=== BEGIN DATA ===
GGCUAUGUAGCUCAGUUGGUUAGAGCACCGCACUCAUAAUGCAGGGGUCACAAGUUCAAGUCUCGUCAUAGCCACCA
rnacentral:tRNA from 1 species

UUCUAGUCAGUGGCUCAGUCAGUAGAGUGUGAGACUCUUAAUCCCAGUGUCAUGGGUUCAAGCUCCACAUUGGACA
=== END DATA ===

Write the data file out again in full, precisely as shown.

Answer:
GGCUAUGUAGCUCAGUUGGUUAGAGCACCGCACUCAUAAUGCAGGGGUCACAAGUUCAAGUCUCGUCAUAGCCACCA
rnacentral:tRNA from 1 species

UUCUAGUCAGUGGCUCAGUCAGUAGAGUGUGAGACUCUUAAUCCCAGUGUCAUGGGUUCAAGCUCCACAUUGGACA